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Publication numberUS7359479 B2
Publication typeGrant
Application numberUS 11/447,153
Publication dateApr 15, 2008
Filing dateJun 6, 2006
Priority dateJun 7, 2005
Fee statusPaid
Also published asCN1875885A, CN100455264C, US20060274880
Publication number11447153, 447153, US 7359479 B2, US 7359479B2, US-B2-7359479, US7359479 B2, US7359479B2
InventorsShiro Oikawa, Hisanori Morita
Original AssigneeShimadzu Corproation
Export CitationBiBTeX, EndNote, RefMan
External Links: USPTO, USPTO Assignment, Espacenet
Radiographic apparatus
US 7359479 B2
Abstract
An FPD has a detecting plane with detecting elements arranged in rows (u-axis) and columns (v-axis) extending in two intersecting axial directions. In time of primary scanning, the FPD is moved about a sectional axis to maintain the u-axis parallel to a body axis constantly. Consequently, in a reconstruction process, a set of projection points on the detecting plane of X rays having passed through lattice points in one row along the body axis A of an imaginary three-dimensional lattice, is parallel to the u-axis. It is therefore possible to derive all projection data that should be projected back to the lattice points in one row, only from detection signals acquired from the detecting elements in two lines having the set of projection points in between. Thus, the quantity of detection signals required for obtaining the projection data is reduced to perform the reconstruction process at high speed.
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Claims(20)
1. A radiographic apparatus for obtaining three-dimensional sectional images, comprising:
a radiation source for emitting electromagnetic waves to an object under examination;
a detecting device opposed to said radiation source across the object for obtaining projection data of the object from the electromagnetic waves transmitted through the object;
a primary scanning device for performing a primary scanning by moving at least said radiation source to rotate a radiation axis linking said radiation source and said detecting device about a sectional axis passing through a site of interest of the object, while inclining said radiation axis at a predetermined angle to said sectional axis; and
an image processing device for performing a reconstruction process based on a group of projection data obtained from said detecting device at each point of time in the primary scanning to acquire a three-dimensional sectional image;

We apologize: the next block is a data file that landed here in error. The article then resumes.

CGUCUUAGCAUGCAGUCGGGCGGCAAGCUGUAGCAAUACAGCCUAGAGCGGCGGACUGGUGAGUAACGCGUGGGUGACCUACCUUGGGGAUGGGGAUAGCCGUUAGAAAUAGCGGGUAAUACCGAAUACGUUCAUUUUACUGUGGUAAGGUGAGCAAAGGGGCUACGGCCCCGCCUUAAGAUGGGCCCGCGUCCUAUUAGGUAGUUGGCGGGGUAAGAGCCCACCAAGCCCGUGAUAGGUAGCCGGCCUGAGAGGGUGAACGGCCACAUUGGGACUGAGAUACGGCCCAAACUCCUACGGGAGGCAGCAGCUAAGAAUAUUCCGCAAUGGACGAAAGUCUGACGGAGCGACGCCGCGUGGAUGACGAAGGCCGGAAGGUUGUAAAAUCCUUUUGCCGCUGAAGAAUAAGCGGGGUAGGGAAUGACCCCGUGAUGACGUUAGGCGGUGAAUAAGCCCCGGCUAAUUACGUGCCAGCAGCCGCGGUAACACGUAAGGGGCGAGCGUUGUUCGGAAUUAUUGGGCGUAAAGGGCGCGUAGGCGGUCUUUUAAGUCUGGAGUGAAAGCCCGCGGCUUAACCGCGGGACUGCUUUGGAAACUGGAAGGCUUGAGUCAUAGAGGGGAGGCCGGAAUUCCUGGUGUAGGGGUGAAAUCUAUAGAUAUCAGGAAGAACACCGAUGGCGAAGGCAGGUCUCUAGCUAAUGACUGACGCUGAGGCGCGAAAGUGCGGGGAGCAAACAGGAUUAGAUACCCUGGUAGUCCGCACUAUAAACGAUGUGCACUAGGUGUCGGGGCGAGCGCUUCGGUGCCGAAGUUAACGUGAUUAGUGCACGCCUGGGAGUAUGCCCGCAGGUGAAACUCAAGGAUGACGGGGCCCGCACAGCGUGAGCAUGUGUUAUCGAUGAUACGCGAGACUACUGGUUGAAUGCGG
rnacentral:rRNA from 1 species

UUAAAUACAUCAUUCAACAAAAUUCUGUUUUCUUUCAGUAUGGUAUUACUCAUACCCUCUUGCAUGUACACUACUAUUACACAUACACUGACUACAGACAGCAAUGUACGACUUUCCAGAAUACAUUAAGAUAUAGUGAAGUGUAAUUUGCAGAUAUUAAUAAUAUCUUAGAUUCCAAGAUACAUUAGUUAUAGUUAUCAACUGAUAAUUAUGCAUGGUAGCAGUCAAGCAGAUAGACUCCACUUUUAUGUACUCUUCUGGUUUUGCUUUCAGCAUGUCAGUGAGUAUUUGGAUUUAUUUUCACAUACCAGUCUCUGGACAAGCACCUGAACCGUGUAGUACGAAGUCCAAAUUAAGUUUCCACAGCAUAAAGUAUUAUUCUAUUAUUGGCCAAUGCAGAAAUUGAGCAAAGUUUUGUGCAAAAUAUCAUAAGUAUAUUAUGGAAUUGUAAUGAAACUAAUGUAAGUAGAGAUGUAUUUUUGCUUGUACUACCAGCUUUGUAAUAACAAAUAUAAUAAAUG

wherein said detecting device has a flat or curved detecting plane with a plurality of detecting elements arranged in rows and columns extending in two intersecting axial directions for detecting the electromagnetic waves, the rows or columns of said detecting elements being, in time of the primary scanning, constantly parallel to one axis extending perpendicular to said sectional axis and passing through said site of interest of the object.
2. An apparatus as defined in claim 1, wherein said primary scanning device is arranged to move said radiation source about the sectional axis, and move said detecting device about the sectional axis.
3. An apparatus as defined in claim 1, wherein said primary scanning device is arranged also to incline said detecting device according to a position of said detecting device, so that said detecting plane is perpendicular to a direction corresponding said radiation axis from which a component along said one axis is subtracted.
4. An apparatus as defined in claim 1, wherein said primary scanning device is arranged to move said detecting device along a curve linking intersections of a virtual cylinder about said sectional axis and a virtual cylinder about said one axis.
5. An apparatus as defined in claim 4, wherein said primary scanning device is arranged to move said radiation source along the curve linking intersections of the virtual cylinder about said sectional axis and the virtual cylinder about said one axis.
6. An apparatus as defined in claim 1, wherein movement of said detecting device by said primary scanning device is realized in a combination of a linear motion component along said one axis and a rotational motion component on an arc about said one axis.